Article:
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Will the law changes see the reemergence of the drop goal?

Will the law changes see the reemergence of the drop goal?

Boetha Chamberlain drop goal

Much has been made of the law trials that have come into force in 2021, most notably the 50:22 that proved so crucial in South Africa’s recent win over New Zealand in the Rugby Championship.

Francois Steyn’s second-half cameo proved decisive and it was his pinpoint kick from inside his own half into the All Blacks’ 22 that earned South Africa a lineout from which they eventually scored a try that put them in front.

That law change has seen an immediate change in approach from teams, dropping extra players into the backfield and opening up space for teams to attack from inside their own halves, and it will no doubt be a factor in the upcoming Autumn Nations Series.

This weekend, however, it was a different law change that caught the eye as Boeta Chamberlain, the Sharks fly-half, slotted a trio of drop goals in the United Rugby Championship victory over the Ospreys.

What stood out was the fact that two of the drop goals came from goal-line drop-outs, a new aspect of the game that has been introduced.

The goal-line drop-out has been introduced in three situations – when the ball is held up over the line in-goal, if there is a knock-on from an attacking player in-goal or if an attacking kick is grounded by defenders in-goal (this does not apply to kicks at goal or kick-offs and restarts).

The law change has made the popular tactic of using the forwards to hammer away at the line from close range, a slightly riskier approach as the reward for being held up is no longer a five-metre scrum to the attacking side.

But Chamberlain showed at the weekend, that with an accurate kicker, the goal-line drop-out can be an invaluable source of points.

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Sitting deep in the middle of the pitch, he twice collected long drop-outs from Gareth Anscombe, and with the chasing players still a long way back, he lined up two 40-metre drop goals, nailing them both.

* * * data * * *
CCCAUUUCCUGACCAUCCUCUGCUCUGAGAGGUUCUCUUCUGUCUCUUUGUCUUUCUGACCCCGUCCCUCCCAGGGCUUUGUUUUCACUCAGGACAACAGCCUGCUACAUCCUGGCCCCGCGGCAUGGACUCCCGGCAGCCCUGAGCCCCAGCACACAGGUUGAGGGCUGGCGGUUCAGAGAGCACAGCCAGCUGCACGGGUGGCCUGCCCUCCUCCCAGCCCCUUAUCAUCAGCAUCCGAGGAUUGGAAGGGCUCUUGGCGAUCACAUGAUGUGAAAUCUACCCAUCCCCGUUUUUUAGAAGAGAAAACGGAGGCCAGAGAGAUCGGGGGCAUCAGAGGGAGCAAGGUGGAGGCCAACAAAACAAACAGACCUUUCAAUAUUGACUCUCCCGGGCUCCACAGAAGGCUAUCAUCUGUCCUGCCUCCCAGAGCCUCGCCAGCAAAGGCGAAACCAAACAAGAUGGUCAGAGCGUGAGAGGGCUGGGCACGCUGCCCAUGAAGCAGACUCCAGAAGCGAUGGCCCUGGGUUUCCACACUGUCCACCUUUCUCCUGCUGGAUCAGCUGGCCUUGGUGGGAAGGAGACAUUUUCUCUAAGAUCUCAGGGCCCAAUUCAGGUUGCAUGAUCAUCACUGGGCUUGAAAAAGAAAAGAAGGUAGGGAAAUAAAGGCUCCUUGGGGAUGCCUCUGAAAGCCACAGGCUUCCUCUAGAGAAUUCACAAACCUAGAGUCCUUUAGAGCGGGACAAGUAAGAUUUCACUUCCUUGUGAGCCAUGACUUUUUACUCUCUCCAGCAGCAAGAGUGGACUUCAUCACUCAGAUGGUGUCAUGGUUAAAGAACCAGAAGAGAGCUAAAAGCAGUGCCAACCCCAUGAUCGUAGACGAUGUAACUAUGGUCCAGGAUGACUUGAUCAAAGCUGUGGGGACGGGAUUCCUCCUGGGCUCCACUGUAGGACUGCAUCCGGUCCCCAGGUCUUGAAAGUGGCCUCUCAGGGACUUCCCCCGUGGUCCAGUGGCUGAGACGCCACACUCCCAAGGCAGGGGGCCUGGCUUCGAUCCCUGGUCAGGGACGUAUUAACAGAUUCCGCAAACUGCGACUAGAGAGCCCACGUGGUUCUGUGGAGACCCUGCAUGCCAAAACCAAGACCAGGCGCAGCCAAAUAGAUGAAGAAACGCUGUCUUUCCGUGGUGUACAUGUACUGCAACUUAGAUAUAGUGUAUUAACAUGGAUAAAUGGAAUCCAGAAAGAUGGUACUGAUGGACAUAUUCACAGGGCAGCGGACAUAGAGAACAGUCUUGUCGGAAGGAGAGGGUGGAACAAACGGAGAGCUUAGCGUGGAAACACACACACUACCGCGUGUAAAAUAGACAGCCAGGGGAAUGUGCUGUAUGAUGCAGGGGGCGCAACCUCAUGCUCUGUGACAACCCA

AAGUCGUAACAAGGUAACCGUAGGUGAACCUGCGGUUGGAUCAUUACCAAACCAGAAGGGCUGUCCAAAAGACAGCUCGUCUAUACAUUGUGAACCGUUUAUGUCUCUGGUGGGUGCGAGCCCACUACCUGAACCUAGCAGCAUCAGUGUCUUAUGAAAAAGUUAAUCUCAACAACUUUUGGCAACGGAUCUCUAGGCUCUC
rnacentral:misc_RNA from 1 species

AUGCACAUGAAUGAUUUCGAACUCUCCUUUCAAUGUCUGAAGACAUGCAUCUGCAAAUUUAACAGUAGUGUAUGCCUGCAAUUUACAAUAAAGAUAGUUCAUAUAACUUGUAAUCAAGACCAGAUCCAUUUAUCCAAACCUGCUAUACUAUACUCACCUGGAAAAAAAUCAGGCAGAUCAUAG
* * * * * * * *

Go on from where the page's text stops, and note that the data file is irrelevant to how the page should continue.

The fact that it was a South African team who put this plan into place should not come as a huge shock. After all, Jannie de Beer etched his name into rugby history in 1999 with five drop goals against England in a World Cup quarter-final, while Steyn was well-known early in his career for being able to drop goals from his own half.

In fact, when Steyn slotted two drop goals in a Rugby Championship win over Australia back in 2007 including one from 45 metres on the angle, there were concerns that the tactic might catch on and teams would refrain from attacking and instead settle for notching points from near halfway.

Francois Steyn

Of course, Steyn was one of very few players capable of dropping goals from that distance with any regularity, and even he only has three Test drop goals in a 15-year Springbok career.

So the idea that we will see every team looking to imitate Chamberlain’s approach is probably misguided.

What may happen though, is that teams will tweak their tactics for the drop-outs. We have already seen players run attacking kicks into the in-goal areas back out before booting clear, rather than dotting down and taking a 22m drop-out as would have previously been the case.

And if teams start to worry about a repeat of Chamberlain’s success, it may be that they go for higher, hanging drop-outs, much like restarts, where they give up territory but increase their chances of recovering the ball and most crucially give the opposition no time to line up the drop goal.

As with every law change, the unintended consequences can be just as fascinating as those foreseen by the lawmakers.

Friday night’s drop goals in Swansea were the first of those wrinkles to emerge. With each one, teams will adapt their approach and the game will evolve.

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